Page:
Libyan rebel leaders demand that Qaddafi step down, but they refuse to negotiate a settlement with him. Leaders in Britain, France, and the United States have embraced this rebel demand, blurring the line between the goal of protecting civilians and regime change. So far, though, they have been prudent. The mandate of protecting civilians has not been used to justify an expanded mission with on the ground operations to ensure a swift change of regime.

Without an international decision to invade or arm the rebels, it is hard to imagine how this conflict will end. The ICC’s announcement that arrest warrants are forthcoming will only make this worse. Qaddafi or his core supporters will be unlikely to abdicate power without guarantees against prosecution. The international coalition that backed UN Security Council Resolutions 1970 and 1973 may have boxed itself into a corner.

Any arrangement that might be made – perhaps an offer of sanctuary in Venezuela or Zimbabwe – comes under the cloud of the Charles Taylor precedent, who was flushed out from his asylum in Nigeria. This put dictators and mass murders on notice that there is no such thing as a reliable promise of sanctuary.

By severely limiting the Council’s ability to bargain with Qaddafi’s lieutenants over indictments, the Security Council’s referral of Libya to the ICC also complicates its ability to use inducements combined with economic sanctions to drive a wedge between the dictator and his fence-sitting backers. This places even greater pressure on NATO to expand its mission beyond protecting civilians to encompass regime change and ensure Qaddafi’s defeat.

Security Council Resolution 1970 was unique in signaling a desire to bargain with members of the Libyan regime. It enables the Council to undertaken further measures “including the strengthening, modification, suspension or lifting of the measures” depending on whether the Libyan authorities comply with the terms of the resolution. The trick now, as the campaign continues, is to leverage this conditionality in Resolution 1970, combined with the ongoing air campaign, as part of an integrated strategy designed to coerce Qaddafi and his cohort to cease their violent tactics and negotiate a peace with the rebels.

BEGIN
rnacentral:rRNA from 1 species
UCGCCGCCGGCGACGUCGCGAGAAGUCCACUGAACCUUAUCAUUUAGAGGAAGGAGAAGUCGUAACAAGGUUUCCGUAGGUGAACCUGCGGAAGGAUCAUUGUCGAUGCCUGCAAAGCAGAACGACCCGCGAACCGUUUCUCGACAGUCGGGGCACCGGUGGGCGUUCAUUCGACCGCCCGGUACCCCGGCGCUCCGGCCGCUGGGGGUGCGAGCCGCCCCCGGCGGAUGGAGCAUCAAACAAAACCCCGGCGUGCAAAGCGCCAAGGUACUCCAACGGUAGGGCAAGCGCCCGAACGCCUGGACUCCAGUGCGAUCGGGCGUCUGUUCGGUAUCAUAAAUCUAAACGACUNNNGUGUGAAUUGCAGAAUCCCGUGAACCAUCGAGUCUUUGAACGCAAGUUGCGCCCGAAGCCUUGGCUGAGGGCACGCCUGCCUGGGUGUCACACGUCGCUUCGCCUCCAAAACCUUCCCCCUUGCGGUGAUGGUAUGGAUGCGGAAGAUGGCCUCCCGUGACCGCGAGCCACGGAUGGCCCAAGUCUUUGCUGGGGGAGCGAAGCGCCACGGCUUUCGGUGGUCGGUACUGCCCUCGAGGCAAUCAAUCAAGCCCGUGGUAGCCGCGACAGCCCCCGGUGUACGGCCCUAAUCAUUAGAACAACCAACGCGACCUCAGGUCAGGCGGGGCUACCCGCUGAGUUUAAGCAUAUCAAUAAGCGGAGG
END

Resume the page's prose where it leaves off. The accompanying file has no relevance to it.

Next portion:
Striking a bargain with Qaddafi that provides him a safe exit while removing him as an ongoing threat will now be difficult since he most certainly will be one of the three candidates for arrest. But the opportunity to provide Qaddafi loyalists a carrot may be even more important than before. What can the Security Council offer potential defectors? Under the current arrangements, the Security Council can suggest a deferral of any trials of Qaddafi supporters for 12 month periods. But this may be insufficient. The Security Council would be wise to assert its continued authority over the situation in Libya in a new resolution offering leniency to Qaddafi’s aides who defect by a specific date.

It is of course entirely plausible that Qaddafi loyalists are choosing whether to stay and fight, or jump ship, based mainly on an assessment of Qaddafi’s ability to hang onto power rather than any carrots the Security Council provides. But on the margins, the UN’s carrots and sticks could matter. If sanctions are to have maximum effect, they need to combine the promise of relief with the threat of punishment.

If international justice is going to be a primary tool of coercive diplomacy in ongoing conflicts, those wielding the tool need to rethink how to exploit the leverage it can provide. A better tactic would be to create independent commissions of inquiry that may proceed with investigations, but would remain under the authority of the Security Council until peace has been secured. This would delay any final decisions about which crimes will be prosecuted, keeping open the possibility of rewarding those who switch from supporting war criminals to protecting human rights. In this way, international justice can target the most irredeemable perpetrators.